Conservation groups throughout NSW are urging north coast locals to voice their concerns on the government’s controversial reform of the planning laws as public comment closes this Friday, 28 June.
Campaigners against coal seam gas (CSG) say the proposed new planning laws will be ‘a body blow’ to every community in NSW fighting coal and gas developments, while the Nature Conservation Council (NCC) say policies that protect koala habitat and coastal wetlands will be scrapped altogether.
Save North Coast Nature (SNCN) says under the ‘alarming’ planning reforms ‘you will lose your right to comment on development that goes up next door to you or anywhere else in your community’.
The government’s new planning system replaces the Environmental Planning and Assessment Act 1979.
Opponents say some of the main concerns about the changes include removal of Ecologically Sustainable Development (ESD) principles, which means approving developments is a priority over social and environmental factors, and the weakening or removal of public consultation over development.
A CSG Free Northern Rivers spokesperson said the community has limited rights to appeal against a decision on coal and gas development, and no rights at all when there has been a public hearing by the Planning Assessment Commission.
The spokesperson said the Bill also leaves local councils with no power over mining developments and sidelines all other government agencies, instead centralising power with the planning department.
SNCN spokesman Andy Baker says residents wanting to comment on development in their neighbourhood ‘may not even be told until after it’s been approved and the bulldozers start work’.
‘These changes will profoundly affect everyone for decades to come, so please get informed and write a submission to the department,’ Mr Baker said.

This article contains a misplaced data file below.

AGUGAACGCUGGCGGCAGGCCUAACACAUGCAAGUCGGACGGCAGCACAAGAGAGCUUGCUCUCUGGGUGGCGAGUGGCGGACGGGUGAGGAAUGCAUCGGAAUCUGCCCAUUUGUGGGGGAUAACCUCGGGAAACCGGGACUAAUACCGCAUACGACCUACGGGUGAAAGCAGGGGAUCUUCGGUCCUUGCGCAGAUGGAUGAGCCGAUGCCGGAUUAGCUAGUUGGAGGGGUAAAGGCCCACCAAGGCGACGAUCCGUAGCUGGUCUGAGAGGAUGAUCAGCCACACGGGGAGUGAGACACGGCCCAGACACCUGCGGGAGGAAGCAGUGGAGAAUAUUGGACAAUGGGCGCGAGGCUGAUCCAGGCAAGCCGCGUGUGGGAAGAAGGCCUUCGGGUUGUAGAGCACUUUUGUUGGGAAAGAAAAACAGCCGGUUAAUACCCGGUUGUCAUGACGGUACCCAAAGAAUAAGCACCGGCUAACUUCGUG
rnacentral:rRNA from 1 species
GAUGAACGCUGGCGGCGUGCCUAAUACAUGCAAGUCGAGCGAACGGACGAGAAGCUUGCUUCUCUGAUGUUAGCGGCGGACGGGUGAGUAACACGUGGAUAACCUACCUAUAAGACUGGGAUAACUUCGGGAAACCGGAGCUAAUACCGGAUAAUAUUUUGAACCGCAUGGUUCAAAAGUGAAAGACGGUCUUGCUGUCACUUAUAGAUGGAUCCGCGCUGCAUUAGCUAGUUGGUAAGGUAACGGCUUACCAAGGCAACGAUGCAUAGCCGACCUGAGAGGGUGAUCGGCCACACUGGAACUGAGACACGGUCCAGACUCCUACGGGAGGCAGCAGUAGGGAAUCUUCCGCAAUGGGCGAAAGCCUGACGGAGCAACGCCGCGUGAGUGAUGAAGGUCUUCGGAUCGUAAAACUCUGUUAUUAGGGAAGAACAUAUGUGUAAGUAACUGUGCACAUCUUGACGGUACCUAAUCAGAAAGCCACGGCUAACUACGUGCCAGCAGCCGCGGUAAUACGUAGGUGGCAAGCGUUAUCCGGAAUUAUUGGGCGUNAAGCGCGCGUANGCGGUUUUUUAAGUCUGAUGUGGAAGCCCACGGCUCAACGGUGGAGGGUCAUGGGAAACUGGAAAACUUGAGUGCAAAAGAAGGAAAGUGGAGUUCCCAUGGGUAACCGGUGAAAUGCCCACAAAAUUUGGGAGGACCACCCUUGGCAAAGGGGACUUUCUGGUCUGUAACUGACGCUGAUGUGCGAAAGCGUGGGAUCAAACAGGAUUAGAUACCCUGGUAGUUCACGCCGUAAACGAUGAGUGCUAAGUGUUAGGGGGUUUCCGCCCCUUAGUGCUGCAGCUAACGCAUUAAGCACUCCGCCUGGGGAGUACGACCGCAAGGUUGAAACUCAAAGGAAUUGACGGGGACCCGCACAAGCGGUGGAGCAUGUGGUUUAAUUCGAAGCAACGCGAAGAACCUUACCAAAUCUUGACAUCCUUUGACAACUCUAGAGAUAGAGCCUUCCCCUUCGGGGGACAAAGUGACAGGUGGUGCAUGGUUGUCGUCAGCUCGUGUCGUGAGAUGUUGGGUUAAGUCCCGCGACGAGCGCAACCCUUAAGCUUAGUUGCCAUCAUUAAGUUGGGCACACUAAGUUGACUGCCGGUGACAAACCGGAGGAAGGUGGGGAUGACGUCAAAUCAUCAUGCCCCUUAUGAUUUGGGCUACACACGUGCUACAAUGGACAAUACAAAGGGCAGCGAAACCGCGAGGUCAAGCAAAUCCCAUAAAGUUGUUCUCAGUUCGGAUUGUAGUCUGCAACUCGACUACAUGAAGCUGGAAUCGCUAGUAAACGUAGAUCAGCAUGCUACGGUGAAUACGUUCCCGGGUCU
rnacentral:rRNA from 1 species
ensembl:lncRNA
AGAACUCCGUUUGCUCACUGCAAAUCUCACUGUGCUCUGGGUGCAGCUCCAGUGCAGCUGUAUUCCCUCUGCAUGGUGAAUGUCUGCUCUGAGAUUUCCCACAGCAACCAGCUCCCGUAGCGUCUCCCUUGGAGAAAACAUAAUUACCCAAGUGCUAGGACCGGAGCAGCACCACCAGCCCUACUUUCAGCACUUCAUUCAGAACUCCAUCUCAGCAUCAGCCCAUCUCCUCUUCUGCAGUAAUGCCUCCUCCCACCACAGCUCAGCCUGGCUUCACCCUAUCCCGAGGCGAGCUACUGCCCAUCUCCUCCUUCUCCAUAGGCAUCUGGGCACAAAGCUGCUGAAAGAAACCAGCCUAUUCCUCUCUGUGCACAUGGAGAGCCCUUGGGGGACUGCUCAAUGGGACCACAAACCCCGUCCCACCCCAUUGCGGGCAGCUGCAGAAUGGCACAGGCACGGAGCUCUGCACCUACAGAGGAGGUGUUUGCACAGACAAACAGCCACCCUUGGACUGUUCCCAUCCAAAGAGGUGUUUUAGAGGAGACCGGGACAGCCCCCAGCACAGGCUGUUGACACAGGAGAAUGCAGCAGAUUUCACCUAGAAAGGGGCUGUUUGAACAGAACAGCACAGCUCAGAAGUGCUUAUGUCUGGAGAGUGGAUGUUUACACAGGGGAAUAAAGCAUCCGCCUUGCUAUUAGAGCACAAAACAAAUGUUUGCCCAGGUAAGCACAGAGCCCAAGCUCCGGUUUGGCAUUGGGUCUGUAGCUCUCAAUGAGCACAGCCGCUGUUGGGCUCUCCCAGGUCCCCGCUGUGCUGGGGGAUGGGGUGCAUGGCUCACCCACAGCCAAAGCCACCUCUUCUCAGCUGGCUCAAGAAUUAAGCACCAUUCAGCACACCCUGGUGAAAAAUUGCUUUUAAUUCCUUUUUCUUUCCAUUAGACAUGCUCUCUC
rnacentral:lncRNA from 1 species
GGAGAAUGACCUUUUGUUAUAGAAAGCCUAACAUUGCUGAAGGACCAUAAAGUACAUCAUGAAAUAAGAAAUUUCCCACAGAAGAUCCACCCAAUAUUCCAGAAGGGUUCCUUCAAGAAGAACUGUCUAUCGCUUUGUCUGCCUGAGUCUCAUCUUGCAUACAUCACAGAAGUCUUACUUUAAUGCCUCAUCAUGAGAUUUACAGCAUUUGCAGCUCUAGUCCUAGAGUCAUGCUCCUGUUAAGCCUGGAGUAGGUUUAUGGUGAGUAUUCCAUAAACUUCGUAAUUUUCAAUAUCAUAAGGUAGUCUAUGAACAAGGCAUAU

The Environmental Defenders Office (EDO) says the reforms are the biggest overhaul of environmental planning in NSW since 1979 and it was important as many people from the community give feedback.
The EDO says residents can comment on things like: what development can happen in an area (from houses to mines) and who gets a say; how suburbs, towns and cities are planned (transport, shops, offices, parks, schools); how communities manage growth and change, and balance needs and interests; and how developers and governments have to consider and protect the environment.
NCC campaigns director Kate Smolski said with his proposed reforms, planning minister Brad Hazzard had been transformed ‘from environmental champion to developer advocate’ as his views on planning had ‘moved a long way in the past 16 years’.
Ms Smolski said Mr Hazzard as an opposition member in parliament in 1997, during a debate on the then Carr Labor government’s Environmental Planning and Assessment Bill, had stated ‘the environment has to be an absolute priority’.
‘What is the point in having jobs and development if people do not have clean air to breathe and clean water to drink or to use in myriad other ways?’ Mr Hazzard then told parliament.
Ms Smolski said the minister now ‘is proposing to remove the core principles of ecological sustainable development from the planning system all together’.
‘When in opposition, he thought the biggest challenge in planning was to ensure the environment was protected.
‘Now he is in government it seems Mr Hazzard is simply not up to the challenge. Not only is he planning to dump three of the four existing environmental protection zones, his agenda includes scrapping state environmental planning policies, including those that protect koala habitat and coastal wetlands.
‘If environmental protection was so central to a fair and just planning system in 1997, what has changed to justify these concerns being consigned to the periphery in Mr Hazzard’s current reform agenda?’
CSG Free Northern Rivers says the proposed Planning Bill 2013 should be amended to make ecologically sustainable development the overarching object of the planning laws.
It should also give the community full appeal rights against mining and other state significant developments and give local councils the right to veto mining and gas operations.
Among other things, the group asks that the bias towards development should be removed.
For advice on submissions visit: http://nccnsw.org.au/sites/default/files/White%20Paper%20Submission%20Guide.pdf
The groups ask that concerned locals should send a copy of your submission, together with a cover letter, to your local MP, call premier Barry O’Farrell on 02 9228 5239, or Mr Hazzard on 02 9228 5258.
They also want people to share the video at http://www.youtube.com/watch?v=_cHUdBQpXNI